129. Sansonetti PJ, D’Hauteville H, Ecobichon C, Pourcel C (1983) Molecular comparison of virulence plasmids in Shigella and enteroinvasive E. coli. Ann Microbiol (Paris) 134A:295–318Google Scholar
  130. Sansonetti PJ, Tran Van Nhieu G, Egile C (1999) Rupture of the intestinal epithelial barrier and mucosal invasion by S. flexneri. Clin Infect Dis 28:466–475. Scholar
  131. Schroeder GN, Hilbi H (2008) Molecular pathogenesis of Shigella spp.: controlling host cell signaling, invasion, and death by type III secretion. Clin Microbiol Rev 21:134–156. Scholar
  132. Sellge G, Magalhaes JG, Konradt C et al (2010) Th17 cells are the dominant T cell subtype primed by S. flexneri mediating protective immunity. J Immunol 184:2076–2085. Scholar
  133. Senerovic L, Tsunoda SP, Goosmann C et al (2012) Spontaneous formation of IpaB ion channels in host cell membranes reveals how Shigella induces pyroptosis in macrophages. Cell Death Dis 3:e384. Scholar
  134. Shim D-H, Suzuki T, Chang S-Y et al (2007) New animal model of shigellosis in the Guinea pig: its usefulness for protective efficacy studies. J Immunol 178:2476–2482CrossRefGoogle Scholar
  135. Skoudy A, Mounier J, Aruffo A et al (2000) CD44 binds to the Shigella IpaB protein and participates in bacterial invasion of epithelial cells. Cell Microbiol 2:19–33CrossRefGoogle Scholar
  136. Sperandio B, Fischer N, Joncquel Chevalier-Curt M et al (2013) Virulent S. flexneri affects secretion, expression, and glycosylation of gel-forming mucins in mucus-producing cells. Infect Immun 81:3632–3643. Scholar
  137. Sperandio B, Regnault B, Guo J et al (2008) Virulent S. flexneri subverts the host innate immune response through manipulation of antimicrobial peptide gene expression. J Exp Med 205:1121–1132. Scholar
  138. Sudha PS, Devaraj H, Devaraj N (2001) Adherence of Shigella dysenteriae 1 to human colonic mucin. Curr Microbiol 42:381–387. Scholar
  139. Suzuki S, Mimuro H, Kim M et al (2014) Shigella IpaH7.8 E3 ubiquitin ligase targets glomulin and activates inflammasomes to demolish macrophages. Proc Natl Acad Sci U S A 111:E4254–E4263. Scholar
  140. Tesh VL (2010) Induction of apoptosis by Shiga toxins. Future Microbiol 5:431–453. Scholar
  141. Tran Van Nhieu G, Ben-Ze’ev A, Sansonetti PJ (1997) Modulation of bacterial entry into epithelial cells by association between vinculin and the Shigella IpaA invasin. EMBO J 16:2717–2729. Scholar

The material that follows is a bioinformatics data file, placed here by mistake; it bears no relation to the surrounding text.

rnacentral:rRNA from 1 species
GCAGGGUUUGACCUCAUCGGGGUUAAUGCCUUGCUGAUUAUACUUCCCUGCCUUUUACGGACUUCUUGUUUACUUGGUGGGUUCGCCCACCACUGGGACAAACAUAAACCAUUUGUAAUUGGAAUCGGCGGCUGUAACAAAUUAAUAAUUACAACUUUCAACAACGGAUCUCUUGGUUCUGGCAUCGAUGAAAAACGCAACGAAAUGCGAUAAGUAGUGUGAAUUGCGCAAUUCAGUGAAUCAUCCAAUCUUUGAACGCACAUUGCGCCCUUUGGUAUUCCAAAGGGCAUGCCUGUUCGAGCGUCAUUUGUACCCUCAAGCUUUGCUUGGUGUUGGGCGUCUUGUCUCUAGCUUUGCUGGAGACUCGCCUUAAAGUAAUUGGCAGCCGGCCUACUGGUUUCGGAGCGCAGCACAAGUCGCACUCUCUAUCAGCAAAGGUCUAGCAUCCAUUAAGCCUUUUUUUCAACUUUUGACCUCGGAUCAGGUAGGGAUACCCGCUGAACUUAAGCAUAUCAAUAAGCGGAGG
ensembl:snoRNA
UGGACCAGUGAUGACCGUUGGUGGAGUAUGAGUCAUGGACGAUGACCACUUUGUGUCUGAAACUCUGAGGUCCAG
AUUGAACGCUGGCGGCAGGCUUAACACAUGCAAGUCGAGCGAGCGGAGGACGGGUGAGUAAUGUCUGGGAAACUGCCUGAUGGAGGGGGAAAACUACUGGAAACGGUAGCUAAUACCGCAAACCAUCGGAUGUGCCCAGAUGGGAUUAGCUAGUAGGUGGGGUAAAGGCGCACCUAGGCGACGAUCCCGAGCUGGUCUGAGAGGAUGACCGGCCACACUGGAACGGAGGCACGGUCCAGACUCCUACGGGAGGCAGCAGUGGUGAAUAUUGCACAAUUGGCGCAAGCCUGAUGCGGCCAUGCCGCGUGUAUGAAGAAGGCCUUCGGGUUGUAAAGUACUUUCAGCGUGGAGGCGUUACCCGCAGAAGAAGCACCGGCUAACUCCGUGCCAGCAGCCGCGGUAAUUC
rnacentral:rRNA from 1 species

142. Tran Van Nhieu G, Caron E, Hall A, Sansonetti PJ (1999) IpaC induces actin polymerization and filopodia formation during Shigella entry into epithelial cells. EMBO J 18:3249–3262. Scholar
  143. Tran van Nhieu G, Kai Liu B, Zhang J et al (2013) Actin-based confinement of calcium responses during Shigella invasion. Nat Commun 4:1567. Scholar
  144. van den Broek JM, Roy SK, Khan WA et al (2005) Risk factors for mortality due to shigellosis: a case-control study among severely-malnourished children in Bangladesh. J Health Popul Nutr 23:259–265PubMedGoogle Scholar
  145. van der Goot FG, Tran van Nhieu G, Allaoui A et al (2004) Rafts can trigger contact-mediated secretion of bacterial effectors via a lipid-based mechanism. J Biol Chem 279:47792–47798CrossRefGoogle Scholar
  146. Watarai M, Funato S, Sasakawa C (1996) Interaction of Ipa proteins of S. flexneri with alpha5beta1 integrin promotes entry of the bacteria into mammalian cells. J Exp Med 183:991–999CrossRefGoogle Scholar
  147. Wei J, Goldberg MB, Burland V et al (2003) Complete genome sequence and comparative genomics of S. flexneri serotype 2a strain 2457T. Infect Immun 71:2775–2786CrossRefGoogle Scholar
  148. Weinrauch Y, Drujan D, Shapiro SD et al (2002) Neutrophil elastase targets virulence factors of enterobacteria. Nature 417:91–94. Scholar
  149. West NP, Sansonetti P, Mounier J et al (2005) Optimization of virulence functions through glucosylation of Shigella LPS. Science 307:1313–1317. Scholar
  150. Yang C, Li P, Zhang X et al (2016) Molecular characterization and analysis of high-level multidrug-resistance of S. flexneri serotype 4 s strains from China. Sci Rep 6:29124. Scholar
  151. Yang F, Yang J, Zhang X et al (2005) Genome dynamics and diversity of Shigella species, the etiologic agents of bacillary dysentery. Nucleic Acids Res 33:6445–6458. Scholar
  152. Yoshida S, Katayama E, Kuwae A et al (2002) Shigella deliver an effector protein to trigger host microtubule destabilization, which promotes Rac1 activity and efficient bacterial internalization. EMBO J 21:2923–2935. Scholar
  153. Zhang Y-G, Sun J (2016) Study bacteria-host interactions using intestinal organoids. Methods Mol Biol. Scholar
  154. Zhang Z, Jin L, Champion G et al (2001) Shigella infection in a SCID mouse-human intestinal xenograft model: role for neutrophils in containing bacterial dissemination in human intestine. Infect Immun 69:3240–3247. Scholar
  155. Zychlinsky A, Prevost MC, Sansonetti PJ (1992) S. flexneri induces apoptosis in infected macrophages. Nature 358:167–169. Scholar
  156. Zychlinsky A, Thirumalai K, Arondel J et al (1996) In vivo apoptosis in S. flexneri infections. Infect Immun 64:5357–5365PubMedPubMedCentralGoogle Scholar

Copyright information

© Springer International Publishing AG, part of Springer Nature 2018

Authors and Affiliations

  1. 1.Unité de Pathogénie Microbienne MoléculaireInstitut PasteurParisFrance
  2. 2.Microbiologie et Maladies Infectieuses, Collège de FranceParisFrance

Personalised recommendations